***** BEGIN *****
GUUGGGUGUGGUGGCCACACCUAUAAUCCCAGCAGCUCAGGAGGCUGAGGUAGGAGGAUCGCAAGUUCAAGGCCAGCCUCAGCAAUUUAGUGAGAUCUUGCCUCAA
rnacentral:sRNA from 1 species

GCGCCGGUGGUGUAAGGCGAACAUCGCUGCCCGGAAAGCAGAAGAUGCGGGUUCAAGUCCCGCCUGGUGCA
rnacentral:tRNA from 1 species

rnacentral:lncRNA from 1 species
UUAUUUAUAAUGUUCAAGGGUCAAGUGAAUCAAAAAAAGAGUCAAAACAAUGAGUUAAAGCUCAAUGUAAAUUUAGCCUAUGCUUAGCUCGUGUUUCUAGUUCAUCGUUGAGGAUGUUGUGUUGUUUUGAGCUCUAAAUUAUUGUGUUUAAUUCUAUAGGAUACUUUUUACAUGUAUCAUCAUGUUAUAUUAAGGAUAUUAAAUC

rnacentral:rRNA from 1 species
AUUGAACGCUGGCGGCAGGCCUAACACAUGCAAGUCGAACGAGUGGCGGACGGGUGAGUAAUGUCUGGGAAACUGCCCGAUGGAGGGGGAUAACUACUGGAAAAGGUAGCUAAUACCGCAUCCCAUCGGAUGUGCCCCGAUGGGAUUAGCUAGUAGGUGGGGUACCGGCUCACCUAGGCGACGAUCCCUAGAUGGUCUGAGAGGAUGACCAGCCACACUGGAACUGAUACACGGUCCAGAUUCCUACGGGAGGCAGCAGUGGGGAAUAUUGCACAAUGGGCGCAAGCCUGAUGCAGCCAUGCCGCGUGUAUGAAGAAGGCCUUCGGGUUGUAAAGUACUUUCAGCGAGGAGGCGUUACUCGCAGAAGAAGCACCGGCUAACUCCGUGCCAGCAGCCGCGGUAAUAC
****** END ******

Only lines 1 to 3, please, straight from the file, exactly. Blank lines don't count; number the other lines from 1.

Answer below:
GUUGGGUGUGGUGGCCACACCUAUAAUCCCAGCAGCUCAGGAGGCUGAGGUAGGAGGAUCGCAAGUUCAAGGCCAGCCUCAGCAAUUUAGUGAGAUCUUGCCUCAA
rnacentral:sRNA from 1 species

GCGCCGGUGGUGUAAGGCGAACAUCGCUGCCCGGAAAGCAGAAGAUGCGGGUUCAAGUCCCGCCUGGUGCA